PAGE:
ACTS 6 and 7
Martyrdom is the greatest gift you can give God – although ‘daily martyrdom’ (see Luke 9:23) is a requirement of all disciples. It seems that, as far as the Lord is concerned, we can ‘die’ a little bit each day of our lives, or lose our whole life in a single hour, as Stephen did! He is known as the first Christian martyr, although John the Baptist was arguably the very first one to die for Jesus’ cause. This chapter sets the scene for Stephen’s martyrdom and shows how an ordinary guy, full of the Holy Spirit, can do amazing things for Christ’s Kingdom.
It all started with their local FoodBank! Within the church community there was apparently some discrimination against widows from Gentile backgrounds, compared with those widows of Jewish culture who were probably locals. The Apostles were probably tempted to ‘wade in’ and sort things out when they realised that it would take up all their time – time that should have been spent in prayer and in preaching the gospel to the truly poor (those who did not have any hope).
It is always tempting, as a leader, to think that you have to ‘model’ every single aspect of the Christian lifestyle – getting ‘stuck in’ with all the everyday jobs that the church is called to do. To a certain extent, that is a good and worthy motive. However, leaders are called to lead; these apostles knew what their specific calling was from the Holy Spirit and refused to yield to the spirit of the age. They were not being aloof, and they were certainly not devaluing the important task of seeing that resources were shared fairly; however, they stuck to the task that God had assigned them – doing what only they could do.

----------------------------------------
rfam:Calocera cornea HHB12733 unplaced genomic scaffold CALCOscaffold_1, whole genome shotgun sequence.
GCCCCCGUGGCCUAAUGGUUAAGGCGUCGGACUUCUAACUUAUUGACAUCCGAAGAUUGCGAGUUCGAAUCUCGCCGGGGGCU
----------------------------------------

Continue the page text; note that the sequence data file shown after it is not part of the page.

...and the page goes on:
Seeing the opportunity to delegate, they agreed to recognise seven men who were elected by the body of disciples, and to give them complete responsibility for the important food distribution. From that point, the apostles resisted all temptation to ‘micromanage’ the Seven; they appointed them, trusted them, and prayed for them.
Also, notice the calibre of men required – Stephen being the best example. Full of faith and of the Holy Spirit, full of God’s grace and power, he did great miracles among the people. You seemed to have to be moving powerfully in the supernatural to qualify you to administer the distribution of food to the poor! Far from being a devalued job, the role was reserved for believers of the highest calibre, hugely gifted and universally respected. It turned out to be a wise decision to appoint them after all! Furthermore, there was never a case of this kind of favouritism to be found within the church again; instead it was replaced by a spirit of mutual generosity and an urgency in meeting one another’s’ needs – as exemplified later by the Gentile church at Antioch which sent financial relief back the Jewish Christians in Jerusalem when they were known to be in hardship (see Acts 11:27-30).